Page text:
On 21 November 2018, the Department for Work and Pensions published a practical guide for line managers on recruiting, managing and supporting people with a disability or health condition at work. The guidance is part of the Disability Confident campaign, which was developed to support and recognise employers which are actively inclusive.  One aspect of the guidance focuses on the recruitment of disabled people.

There is strong evidence of the benefits to organisations in employing disabled workers including:

  • Improved Services – disabled workers can apply personal experience and insight to service design helping ensure services meet the needs of disabled people

  • Personal Qualities – employers recognise that managing conditions could help individuals develop qualities and skills that are valuable in the workplace

  • Job Loyalty – many disabled workers have had to overcome significant barriers to enter the job market and have developed a strong work ethic, commitment to succeed and job loyalty

  • Boost Workplace Morale – existing and prospective staff see that the organisation cares about an individual’s potential and is committed to supporting them which can improve staff morale and lead to reduced staff turnover

  • Cultural Change – demonstrating value based, effective employment models can help promote cultural change

  • Improved Public Perceptions – By being seen as an ‘inclusive’ organisation, this can lead to increased uptake of services

  • Strengthened Work Teams – more diversity within the staff team increases the overall knowledge and awareness of workforce enriching team performance

Many organisations recognise these potential benefits and are keen to recruit disabled employees but find it difficult to put this into practice.

Your aim when recruiting a new member of staff is to hire the most suited person to the job with the experience, qualities and skills for the role.  On this basis, you should ensure that your job specification, job description, application forms and interview questions focuses on this.

Some top tips to consider during the recruitment process are as follows:

  • Consider how best to attract a wide range of job applicants
  • When writing job adverts:
  1. use a font that is easy to read and large enough to read

  2. make sure that they don’t exclude any section of the community

  3. state clearly that you welcome applications from all sections of the community and that you have an equal opportunities policy

  4. include in your person specification only the skills and experience which are vital to the job

  5. do not set criteria which automatically exclude certain groups, for example stating that applicants must have a driving licence when there is no requirement for travel within the role

  6. provide the contact details of someone in your organisation who can provide further information and discuss any reasonable adjustments that the applicant may need

  7. offer alternative formats for applications, for example if the application is to be made online, provide a paper based form as an alternative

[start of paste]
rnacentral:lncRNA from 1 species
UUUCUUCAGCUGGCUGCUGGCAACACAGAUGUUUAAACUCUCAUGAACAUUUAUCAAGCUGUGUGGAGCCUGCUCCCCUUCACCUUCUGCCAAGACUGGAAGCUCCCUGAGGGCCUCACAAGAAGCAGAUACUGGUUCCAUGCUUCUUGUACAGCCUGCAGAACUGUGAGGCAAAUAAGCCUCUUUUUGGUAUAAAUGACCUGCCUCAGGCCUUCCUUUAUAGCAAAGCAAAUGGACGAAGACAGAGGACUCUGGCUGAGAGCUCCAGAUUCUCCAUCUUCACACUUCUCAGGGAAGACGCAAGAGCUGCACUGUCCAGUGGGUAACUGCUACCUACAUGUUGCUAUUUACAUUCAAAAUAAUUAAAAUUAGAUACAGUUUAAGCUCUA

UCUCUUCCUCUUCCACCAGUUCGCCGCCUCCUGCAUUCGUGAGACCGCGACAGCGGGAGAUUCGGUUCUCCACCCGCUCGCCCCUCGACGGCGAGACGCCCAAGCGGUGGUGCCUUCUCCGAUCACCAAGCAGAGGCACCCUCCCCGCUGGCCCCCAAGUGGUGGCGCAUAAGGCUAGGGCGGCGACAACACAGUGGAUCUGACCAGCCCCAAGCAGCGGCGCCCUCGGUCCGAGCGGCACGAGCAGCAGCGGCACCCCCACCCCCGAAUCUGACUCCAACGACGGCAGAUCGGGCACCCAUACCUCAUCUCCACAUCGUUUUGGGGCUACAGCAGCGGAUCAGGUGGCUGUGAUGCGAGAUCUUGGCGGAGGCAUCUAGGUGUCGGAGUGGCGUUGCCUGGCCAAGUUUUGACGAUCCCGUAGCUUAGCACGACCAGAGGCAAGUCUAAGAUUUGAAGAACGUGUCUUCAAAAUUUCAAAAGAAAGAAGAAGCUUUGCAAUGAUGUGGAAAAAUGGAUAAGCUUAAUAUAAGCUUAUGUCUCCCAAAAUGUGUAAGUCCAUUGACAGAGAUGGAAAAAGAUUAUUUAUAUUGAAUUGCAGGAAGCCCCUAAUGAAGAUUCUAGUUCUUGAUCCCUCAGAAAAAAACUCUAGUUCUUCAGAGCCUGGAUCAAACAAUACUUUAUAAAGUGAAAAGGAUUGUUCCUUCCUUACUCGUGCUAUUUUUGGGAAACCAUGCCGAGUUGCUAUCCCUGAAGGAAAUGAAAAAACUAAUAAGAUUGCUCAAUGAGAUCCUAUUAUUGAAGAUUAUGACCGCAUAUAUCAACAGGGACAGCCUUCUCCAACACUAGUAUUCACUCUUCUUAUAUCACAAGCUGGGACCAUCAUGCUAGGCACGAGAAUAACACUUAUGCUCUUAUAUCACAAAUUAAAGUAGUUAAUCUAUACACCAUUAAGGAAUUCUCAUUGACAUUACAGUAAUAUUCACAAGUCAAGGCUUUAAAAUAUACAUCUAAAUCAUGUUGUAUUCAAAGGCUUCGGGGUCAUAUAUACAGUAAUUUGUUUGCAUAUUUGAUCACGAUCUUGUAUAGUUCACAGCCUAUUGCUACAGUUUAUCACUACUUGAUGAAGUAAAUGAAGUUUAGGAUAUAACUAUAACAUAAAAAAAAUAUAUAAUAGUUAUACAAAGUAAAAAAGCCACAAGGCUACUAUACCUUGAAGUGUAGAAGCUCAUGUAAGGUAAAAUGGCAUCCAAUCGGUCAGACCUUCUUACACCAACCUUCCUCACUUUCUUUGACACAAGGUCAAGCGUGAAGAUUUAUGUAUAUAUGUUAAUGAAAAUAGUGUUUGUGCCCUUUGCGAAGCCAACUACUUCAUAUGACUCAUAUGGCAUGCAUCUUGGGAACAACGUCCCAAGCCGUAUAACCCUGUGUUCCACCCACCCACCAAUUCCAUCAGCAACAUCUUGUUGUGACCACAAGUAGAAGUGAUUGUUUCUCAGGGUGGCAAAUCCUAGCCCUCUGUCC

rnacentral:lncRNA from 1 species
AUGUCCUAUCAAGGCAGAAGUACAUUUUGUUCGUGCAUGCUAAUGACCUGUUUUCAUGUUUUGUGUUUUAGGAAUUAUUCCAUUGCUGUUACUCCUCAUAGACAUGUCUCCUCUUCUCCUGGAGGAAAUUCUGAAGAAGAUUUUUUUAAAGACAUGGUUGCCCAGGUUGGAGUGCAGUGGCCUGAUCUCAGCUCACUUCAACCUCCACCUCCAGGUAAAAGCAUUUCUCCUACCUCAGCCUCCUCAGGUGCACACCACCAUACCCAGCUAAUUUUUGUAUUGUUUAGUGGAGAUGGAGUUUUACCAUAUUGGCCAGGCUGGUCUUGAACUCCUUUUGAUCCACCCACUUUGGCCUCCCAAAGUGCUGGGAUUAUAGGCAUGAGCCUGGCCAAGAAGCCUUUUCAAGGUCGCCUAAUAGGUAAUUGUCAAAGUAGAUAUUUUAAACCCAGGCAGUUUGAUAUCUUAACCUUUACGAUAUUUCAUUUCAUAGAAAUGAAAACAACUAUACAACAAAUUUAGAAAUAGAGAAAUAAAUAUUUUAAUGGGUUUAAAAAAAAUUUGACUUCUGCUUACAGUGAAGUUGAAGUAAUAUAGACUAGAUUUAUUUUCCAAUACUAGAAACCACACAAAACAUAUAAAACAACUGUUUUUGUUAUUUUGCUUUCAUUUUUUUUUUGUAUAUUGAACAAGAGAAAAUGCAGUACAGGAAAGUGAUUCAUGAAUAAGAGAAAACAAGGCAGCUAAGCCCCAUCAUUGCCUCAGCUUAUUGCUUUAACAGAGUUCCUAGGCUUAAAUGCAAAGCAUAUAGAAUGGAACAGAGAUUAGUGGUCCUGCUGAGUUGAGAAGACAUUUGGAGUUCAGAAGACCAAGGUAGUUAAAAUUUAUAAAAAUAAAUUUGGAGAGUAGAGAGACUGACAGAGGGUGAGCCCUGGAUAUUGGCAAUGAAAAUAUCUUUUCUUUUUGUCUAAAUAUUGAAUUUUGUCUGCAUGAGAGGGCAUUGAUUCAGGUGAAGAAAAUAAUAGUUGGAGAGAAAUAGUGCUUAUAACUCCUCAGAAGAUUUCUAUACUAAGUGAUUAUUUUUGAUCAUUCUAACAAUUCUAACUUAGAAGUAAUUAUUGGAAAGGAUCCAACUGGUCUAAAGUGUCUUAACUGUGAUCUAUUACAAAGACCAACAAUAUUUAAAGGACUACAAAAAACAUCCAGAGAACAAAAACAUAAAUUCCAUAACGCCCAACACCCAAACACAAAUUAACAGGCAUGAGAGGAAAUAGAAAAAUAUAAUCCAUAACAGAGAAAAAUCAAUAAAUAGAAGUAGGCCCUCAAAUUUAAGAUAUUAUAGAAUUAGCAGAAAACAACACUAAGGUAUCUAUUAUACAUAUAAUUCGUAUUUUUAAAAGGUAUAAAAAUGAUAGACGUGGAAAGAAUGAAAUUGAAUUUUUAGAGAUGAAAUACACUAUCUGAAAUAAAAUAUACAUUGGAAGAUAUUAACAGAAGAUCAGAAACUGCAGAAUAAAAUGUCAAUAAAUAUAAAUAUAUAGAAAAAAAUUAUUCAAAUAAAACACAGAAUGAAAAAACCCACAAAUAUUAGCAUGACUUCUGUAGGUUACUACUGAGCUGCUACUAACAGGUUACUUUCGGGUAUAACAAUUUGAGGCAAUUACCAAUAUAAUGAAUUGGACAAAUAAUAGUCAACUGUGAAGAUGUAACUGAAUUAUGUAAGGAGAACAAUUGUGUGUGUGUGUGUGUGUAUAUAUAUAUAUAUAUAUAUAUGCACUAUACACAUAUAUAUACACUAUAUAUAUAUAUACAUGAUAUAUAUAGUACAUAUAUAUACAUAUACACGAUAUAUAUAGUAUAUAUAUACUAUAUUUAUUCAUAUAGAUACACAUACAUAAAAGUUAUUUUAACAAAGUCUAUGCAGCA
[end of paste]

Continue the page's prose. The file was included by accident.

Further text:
• Make adjustments to your recruitment process – Ask applicants whether they need any particular arrangements or adjustments to assist them with the selection process. Give every job applicant the opportunity to discuss this in advance of the job interview or selection process.  You should not assume what adjustments need to be made as everyone is different.  Ask whether any alterations are required on the job application form.  Adjustments will vary depending on the person’s disability but some examples include:

  1. use premises that are fully accessible and ensure that the interview room is appropriately equipped

  2. change lighting or room layout

  3. show a visually impaired applicant to their seat

  4. allow a support worker to attend an interview with the candidate if required

  5. offer an alternative to a standard interview, for example a working interview or allow extra time or consider a trial or work experience

  6. allow applicants to complete a written test using a computer

  7. Adapting interview questions. For example, if a candidate has autism, it might be helpful for the interviewer to avoid using hypothetical or abstract questions, e.g. ‘How do you think you’ll cope with working if there are lots of interruptions?’ A better question would be ‘Think back to your last job. Can you tell us how you coped with your work when people interrupted you?’

Many adjustments can be implemented easily with little or no cost.

  • Obtain advice when necessary. If you are a line manager, speak to your HR team or occupational health team where applicable to obtain advice.  There are also a number of organisations that specialise in supporting disabled people into work that would be happy to provide guidance.  Charities often give advice to employers employing a person with a disability.  For example, the National Autistic Society provides help to employers regarding the recruitment, training and retention of autistic staff.

For further information regarding equal opportunities recruitment or advice on employee management, speak to Farleys employment law team on 0845 287 0939 or submit your enquiry through our online contact form and one of the team will get in touch with you.